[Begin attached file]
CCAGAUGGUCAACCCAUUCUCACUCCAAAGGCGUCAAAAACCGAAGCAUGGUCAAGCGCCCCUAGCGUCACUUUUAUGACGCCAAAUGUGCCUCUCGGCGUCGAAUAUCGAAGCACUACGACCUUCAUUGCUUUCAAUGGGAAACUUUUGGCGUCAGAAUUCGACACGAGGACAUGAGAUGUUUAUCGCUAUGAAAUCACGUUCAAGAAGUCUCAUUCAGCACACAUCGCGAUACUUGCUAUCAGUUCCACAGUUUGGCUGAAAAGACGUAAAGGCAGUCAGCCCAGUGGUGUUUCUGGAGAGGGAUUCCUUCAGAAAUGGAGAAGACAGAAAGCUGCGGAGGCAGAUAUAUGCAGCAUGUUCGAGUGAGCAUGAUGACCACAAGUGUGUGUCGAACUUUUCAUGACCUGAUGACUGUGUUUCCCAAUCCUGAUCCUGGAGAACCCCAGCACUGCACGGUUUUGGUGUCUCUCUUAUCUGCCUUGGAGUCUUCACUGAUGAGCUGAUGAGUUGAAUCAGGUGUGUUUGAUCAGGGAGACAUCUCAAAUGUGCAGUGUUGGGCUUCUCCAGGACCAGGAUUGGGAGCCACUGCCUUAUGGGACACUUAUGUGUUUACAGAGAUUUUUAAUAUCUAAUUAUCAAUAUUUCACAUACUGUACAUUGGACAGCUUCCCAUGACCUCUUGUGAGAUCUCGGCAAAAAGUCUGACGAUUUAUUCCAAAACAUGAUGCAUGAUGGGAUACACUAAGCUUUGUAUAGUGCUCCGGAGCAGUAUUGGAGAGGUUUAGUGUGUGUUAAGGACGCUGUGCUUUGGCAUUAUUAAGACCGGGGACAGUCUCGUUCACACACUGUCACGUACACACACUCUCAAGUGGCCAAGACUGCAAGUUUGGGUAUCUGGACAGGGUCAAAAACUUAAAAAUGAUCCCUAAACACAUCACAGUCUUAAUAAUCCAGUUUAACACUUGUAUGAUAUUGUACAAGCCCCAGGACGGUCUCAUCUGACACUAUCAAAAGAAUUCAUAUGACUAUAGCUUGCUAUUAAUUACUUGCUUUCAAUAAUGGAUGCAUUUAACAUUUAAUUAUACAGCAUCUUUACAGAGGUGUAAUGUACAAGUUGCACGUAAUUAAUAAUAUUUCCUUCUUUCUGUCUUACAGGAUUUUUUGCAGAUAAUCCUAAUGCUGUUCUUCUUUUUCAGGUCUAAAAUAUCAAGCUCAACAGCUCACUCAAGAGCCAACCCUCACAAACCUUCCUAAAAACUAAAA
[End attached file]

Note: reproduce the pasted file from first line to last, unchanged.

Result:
CCAGAUGGUCAACCCAUUCUCACUCCAAAGGCGUCAAAAACCGAAGCAUGGUCAAGCGCCCCUAGCGUCACUUUUAUGACGCCAAAUGUGCCUCUCGGCGUCGAAUAUCGAAGCACUACGACCUUCAUUGCUUUCAAUGGGAAACUUUUGGCGUCAGAAUUCGACACGAGGACAUGAGAUGUUUAUCGCUAUGAAAUCACGUUCAAGAAGUCUCAUUCAGCACACAUCGCGAUACUUGCUAUCAGUUCCACAGUUUGGCUGAAAAGACGUAAAGGCAGUCAGCCCAGUGGUGUUUCUGGAGAGGGAUUCCUUCAGAAAUGGAGAAGACAGAAAGCUGCGGAGGCAGAUAUAUGCAGCAUGUUCGAGUGAGCAUGAUGACCACAAGUGUGUGUCGAACUUUUCAUGACCUGAUGACUGUGUUUCCCAAUCCUGAUCCUGGAGAACCCCAGCACUGCACGGUUUUGGUGUCUCUCUUAUCUGCCUUGGAGUCUUCACUGAUGAGCUGAUGAGUUGAAUCAGGUGUGUUUGAUCAGGGAGACAUCUCAAAUGUGCAGUGUUGGGCUUCUCCAGGACCAGGAUUGGGAGCCACUGCCUUAUGGGACACUUAUGUGUUUACAGAGAUUUUUAAUAUCUAAUUAUCAAUAUUUCACAUACUGUACAUUGGACAGCUUCCCAUGACCUCUUGUGAGAUCUCGGCAAAAAGUCUGACGAUUUAUUCCAAAACAUGAUGCAUGAUGGGAUACACUAAGCUUUGUAUAGUGCUCCGGAGCAGUAUUGGAGAGGUUUAGUGUGUGUUAAGGACGCUGUGCUUUGGCAUUAUUAAGACCGGGGACAGUCUCGUUCACACACUGUCACGUACACACACUCUCAAGUGGCCAAGACUGCAAGUUUGGGUAUCUGGACAGGGUCAAAAACUUAAAAAUGAUCCCUAAACACAUCACAGUCUUAAUAAUCCAGUUUAACACUUGUAUGAUAUUGUACAAGCCCCAGGACGGUCUCAUCUGACACUAUCAAAAGAAUUCAUAUGACUAUAGCUUGCUAUUAAUUACUUGCUUUCAAUAAUGGAUGCAUUUAACAUUUAAUUAUACAGCAUCUUUACAGAGGUGUAAUGUACAAGUUGCACGUAAUUAAUAAUAUUUCCUUCUUUCUGUCUUACAGGAUUUUUUGCAGAUAAUCCUAAUGCUGUUCUUCUUUUUCAGGUCUAAAAUAUCAAGCUCAACAGCUCACUCAAGAGCCAACCCUCACAAACCUUCCUAAAAACUAAAA